Soft tissue also plays a significant role. Restrictions in the soft tissue of the cranium create restrictions in the cranial motion. As in any joint of the body, the range of motion is defined by the degree of soft tissue restriction, and an imbalance of tension in the soft tissue creates an imbalanced range of motion at any joint including the cranial sutures affecting the cranial motion. So, observing the core distortion with its imbalances of the anterior/posterior rotation of the iliums and tippage of the sacrum provides information for possible solutions for rehabilitating spinal conditions. According to Dr. Terry Yokum, the normal rotation of the iliums is greater than 22 degrees.

Consistent with kinesiological information, a rotation of more than 15 degrees in any joint will dramatically weaken associated muscle strength and function. Thus, in the core distortion, the spinal muscles and major support muscles for the pelvis are significantly weakened, proven by kinesiological testing. This explains how, over time, the core distortion worsens with increasing degrees of rotation and spinal curvatures due to the inability of the muscles and connective tissue to support the spine, and why severe soft tissue injuries can occur in the supporting spinal muscles.

The good news – the core distortion offers a direction for rehabilitation. By significantly lessening the degree of the core distortion which includes bringing the rotation of the iliums to less than 15 degrees and lessening the entire spinal curvatures, the cause of most spinal pain and dysfunction can be rehabilitated.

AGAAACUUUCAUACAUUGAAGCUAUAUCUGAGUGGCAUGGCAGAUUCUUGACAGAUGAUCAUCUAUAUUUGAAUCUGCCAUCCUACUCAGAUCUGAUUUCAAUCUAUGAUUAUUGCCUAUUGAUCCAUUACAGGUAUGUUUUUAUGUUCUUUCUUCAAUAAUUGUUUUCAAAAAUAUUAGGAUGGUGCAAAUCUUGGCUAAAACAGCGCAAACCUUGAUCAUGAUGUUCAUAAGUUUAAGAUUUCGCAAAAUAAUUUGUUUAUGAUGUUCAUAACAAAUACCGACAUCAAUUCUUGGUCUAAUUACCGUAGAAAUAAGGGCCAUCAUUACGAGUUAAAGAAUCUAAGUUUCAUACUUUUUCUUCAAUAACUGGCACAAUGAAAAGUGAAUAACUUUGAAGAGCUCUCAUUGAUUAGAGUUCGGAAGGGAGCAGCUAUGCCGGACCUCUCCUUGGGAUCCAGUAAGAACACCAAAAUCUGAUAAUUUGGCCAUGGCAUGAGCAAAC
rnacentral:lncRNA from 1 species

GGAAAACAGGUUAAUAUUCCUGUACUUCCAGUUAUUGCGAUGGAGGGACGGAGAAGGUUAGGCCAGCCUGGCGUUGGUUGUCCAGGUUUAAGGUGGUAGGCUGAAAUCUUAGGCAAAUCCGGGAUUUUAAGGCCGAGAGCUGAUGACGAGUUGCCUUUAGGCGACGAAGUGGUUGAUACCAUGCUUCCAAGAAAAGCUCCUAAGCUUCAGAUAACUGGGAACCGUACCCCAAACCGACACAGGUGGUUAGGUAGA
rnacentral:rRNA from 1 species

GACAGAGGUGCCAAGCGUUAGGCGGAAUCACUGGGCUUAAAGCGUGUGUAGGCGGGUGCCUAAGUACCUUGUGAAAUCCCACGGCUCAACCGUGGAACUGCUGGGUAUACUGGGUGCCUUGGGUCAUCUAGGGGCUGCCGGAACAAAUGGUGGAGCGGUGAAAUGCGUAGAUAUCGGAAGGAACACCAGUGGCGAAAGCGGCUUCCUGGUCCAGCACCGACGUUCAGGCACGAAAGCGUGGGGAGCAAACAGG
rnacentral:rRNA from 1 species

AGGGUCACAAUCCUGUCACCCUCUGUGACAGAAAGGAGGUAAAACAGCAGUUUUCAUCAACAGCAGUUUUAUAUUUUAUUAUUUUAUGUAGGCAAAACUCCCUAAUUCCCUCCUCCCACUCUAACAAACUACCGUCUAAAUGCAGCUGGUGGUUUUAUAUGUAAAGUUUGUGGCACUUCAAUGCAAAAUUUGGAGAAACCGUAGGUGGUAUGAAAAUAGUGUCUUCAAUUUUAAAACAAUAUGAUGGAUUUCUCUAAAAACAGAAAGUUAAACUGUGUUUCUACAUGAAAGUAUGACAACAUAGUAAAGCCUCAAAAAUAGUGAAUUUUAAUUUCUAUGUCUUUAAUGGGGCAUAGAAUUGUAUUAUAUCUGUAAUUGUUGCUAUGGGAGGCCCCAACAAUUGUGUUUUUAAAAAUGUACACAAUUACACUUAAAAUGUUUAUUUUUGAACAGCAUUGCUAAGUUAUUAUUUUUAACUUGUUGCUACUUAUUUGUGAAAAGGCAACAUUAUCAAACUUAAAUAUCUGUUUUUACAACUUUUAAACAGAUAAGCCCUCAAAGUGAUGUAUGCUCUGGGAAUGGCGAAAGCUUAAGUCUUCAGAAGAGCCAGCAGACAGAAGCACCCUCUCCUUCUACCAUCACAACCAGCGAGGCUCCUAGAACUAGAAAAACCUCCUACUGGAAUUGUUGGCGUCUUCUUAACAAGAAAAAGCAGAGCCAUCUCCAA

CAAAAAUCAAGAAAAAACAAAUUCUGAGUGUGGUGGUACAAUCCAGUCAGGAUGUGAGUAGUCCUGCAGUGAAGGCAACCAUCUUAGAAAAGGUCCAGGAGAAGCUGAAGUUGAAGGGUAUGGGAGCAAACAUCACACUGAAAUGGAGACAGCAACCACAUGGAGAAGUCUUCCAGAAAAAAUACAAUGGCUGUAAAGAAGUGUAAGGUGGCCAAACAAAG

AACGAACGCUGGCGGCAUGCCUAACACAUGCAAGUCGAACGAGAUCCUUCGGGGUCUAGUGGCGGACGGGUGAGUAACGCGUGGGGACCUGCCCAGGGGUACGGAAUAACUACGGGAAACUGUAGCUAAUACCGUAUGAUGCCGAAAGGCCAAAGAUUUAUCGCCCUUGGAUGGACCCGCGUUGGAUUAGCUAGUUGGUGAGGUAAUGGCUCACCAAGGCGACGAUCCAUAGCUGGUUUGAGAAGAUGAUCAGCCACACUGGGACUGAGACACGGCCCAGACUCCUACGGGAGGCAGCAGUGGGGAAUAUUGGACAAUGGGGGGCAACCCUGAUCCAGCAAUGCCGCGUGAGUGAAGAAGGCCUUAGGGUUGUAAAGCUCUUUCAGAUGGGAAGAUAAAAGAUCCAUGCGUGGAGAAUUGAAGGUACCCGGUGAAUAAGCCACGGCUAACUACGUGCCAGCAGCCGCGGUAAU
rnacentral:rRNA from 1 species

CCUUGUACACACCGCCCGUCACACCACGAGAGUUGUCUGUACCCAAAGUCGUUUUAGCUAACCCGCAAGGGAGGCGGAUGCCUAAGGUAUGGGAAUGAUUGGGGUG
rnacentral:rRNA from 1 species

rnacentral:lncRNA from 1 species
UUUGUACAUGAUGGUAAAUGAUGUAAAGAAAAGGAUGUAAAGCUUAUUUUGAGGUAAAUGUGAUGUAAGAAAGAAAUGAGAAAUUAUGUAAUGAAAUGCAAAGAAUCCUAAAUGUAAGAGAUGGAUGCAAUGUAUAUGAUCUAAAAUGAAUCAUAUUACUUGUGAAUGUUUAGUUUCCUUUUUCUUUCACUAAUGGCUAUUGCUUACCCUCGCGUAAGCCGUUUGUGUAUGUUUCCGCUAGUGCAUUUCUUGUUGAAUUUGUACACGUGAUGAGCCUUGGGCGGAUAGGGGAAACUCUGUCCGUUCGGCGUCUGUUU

Casey, a 43-year-old business owner and downhill skier, came for treatment for neck and back pain and brought MRI's and x-rays. The MRI showed disc herniation between C3-C4 and bulging discs between L4-L5 and C6-C7, thinning of discs throughout her lumbar region, and lipping and spurring in the lumbar, thoracic and cervical vertebrae. She saw a chiropractor, physical therapist and orthopedic surgeon, and the diagnosis was degenerative disc disease. Neither the chiropractic treatment which included massage, nor the physical therapist relieved her pain. The neurosurgeon basically said her downhill skiing was over and she needed surgery.

Postural evaluation revealed a rotation of the iliums, thoracic curvatures, and the head and neck tipped forward and to the right (classic core distortion). Applied and functional kinesiology verified the structural imbalances and significant weakness in the associated muscles and soft tissue.